NEW YORK (Reuters) - New threats to drug makers’ revenues are rising even as the industry maneuvers to plug huge holes from looming patent expirations.
A newly elected U.S. administration under President-elect Barack Obama brings concerns over pricing and further potential scrutiny, at a time when drug companies have already faced increased uncertainty from the regulators of their products.
And although investors traditionally see the drug industry as insulated from rocky economic times, there are signs the global turmoil is taking its toll and forcing consumers to cut back on their medicines.
These issues arise as drug companies near a brutal period when many of their blockbuster products will lose patents and see sales eroded by generic rivals. Meanwhile, the industry has spent billions on research with insufficient return.
To some, the industry’s struggles demand drastic change.
“We would not be buyers of the sector at current levels until we see signs that managements are beginning to take bold action to control their destiny,” Jami Rubin, a U.S. pharmaceuticals analyst for Goldman Sachs, said in a recent research report.
Leaders of many of the world’s top pharmaceutical companies — including Pfizer Inc (PFE.N), Merck & Co (MRK.N), AstraZeneca (AZN.L), Bayer AG BAYG.DE and Daiichi Sankyo (4568.T) — will address these challenges this week at the Reuters Health Summit in New York.
Others guests from the biotech and specialty pharmaceutical industries include Gilead Sciences Inc (GILD.O), Amgen Inc (AMGN.O), Shire Plc (SHP.L), and Elan Corp ELN.I, as well as chief executive officers of top health insurers WellPoint Inc WLP.N and Aetna Inc (AET.N), which face their own set of challenges with a new U.S. political landscape.
To be sure, the pharmaceutical industry overall has proven to be a defensive investment in weak economic times. This year, the American Stock Exchange Pharmaceutical index .DRG of large U.S. and European drug makers has fallen 23 percent, compared with a 40 percent drop for the S&P 500 index .SPX.
With investors worried about balance sheets like never before because of the credit crisis, health-care products companies overall can boast better liquidity than any other sector except for information technology, according to a recent report from Credit Suisse.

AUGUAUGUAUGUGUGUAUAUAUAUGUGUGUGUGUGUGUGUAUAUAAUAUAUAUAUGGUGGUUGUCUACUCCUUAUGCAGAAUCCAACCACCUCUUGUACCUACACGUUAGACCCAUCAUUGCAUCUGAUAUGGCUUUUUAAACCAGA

The market turbulence created another silver lining for cash-rich drug makers: the chance to pick off biotech companies or other assets with dramatically depressed valuations.
Indeed, as Eli Lilly & Co’s (LLY.N) purchase of ImClone Systems Inc IMCL.O shows, pharmaceutical companies may seek to buy themselves out of their patent expiration and pipeline woes.
But just as the current climate yields opportunities, problems may be on the horizon.
The Obama administration’s appointments in key areas that oversee the industry — such as the commissioner of the U.S. Food and Drug Administration and secretary of Health and Human Services — could lead to tighter regulation.
A Democratic-led Congress may seek to allow the U.S. Medicare health program for seniors to have direct negotiations with drug makers, which have long feared such a move would lead to price controls. The possibility of broader U.S. health-care reform is also a wildcard.
“This administration, although I suspect it won’t be as bad as rhetoric would suggest, will be more pro-regulation and they will eventually deal with pricing issues,” said Miller Tabak analyst Les Funtleyder.
Drug sales in the United States, the world’s largest pharmaceutical market, are expected to climb only 1 percent to 2 percent next year, according to market research firm IMS Health. The economic downturn is a factor, as people may cut back prescriptions as they lose health insurance or face costly co-payments.
“The reality is the economy is having an impact on people’s utilization of drugs,” Funtleyder said.
This compounds the patent problems that many of the large pharmaceutical companies face into the next decade, including Pfizer, Merck and AstraZeneca.
Goldman’s Rubin, who covers the six major U.S.-based companies, calculates that around $60 billion in pharmaceutical revenue will disappear due to generic rivals between 2007 and 2015. She projects the industry’s revenue will grow 3 percent from 2007 to 2011, but decline 3 percent from 2011 to 2015.
Revenue growth for seven large U.S. pharmaceutical companies is expected to average 5.1 percent over the next decade, according to Thomson Reuters Proprietary Research. That growth is a far cry from the double-digit sales increases during the industry’s boom times in the late 1990s.
Companies have begun adapting to the challenges through a variety of strategies.
Some, like GlaxoSmithKline (GSK.L) and Novartis NOVN.VX, are diversifying more heavily into areas such as over-the-counter products, generic drugs and emerging markets.
Pfizer and other drug makers are also narrowing their research to focus on potentially lucrative disease areas such as cancer and pushing more into pricier biotech medicines that are less vulnerable to generic competition.
And companies such as Eli Lilly are pursuing new business partnerships to share the risks of developing new treatments for areas such as Alzheimer’s disease, or outsourcing functions like research to cut costs.
“The pharma company of the future needs a new business model and/or capital and cost structure to prosper into the next decade,” Rubin said.
Editing by Richard Chang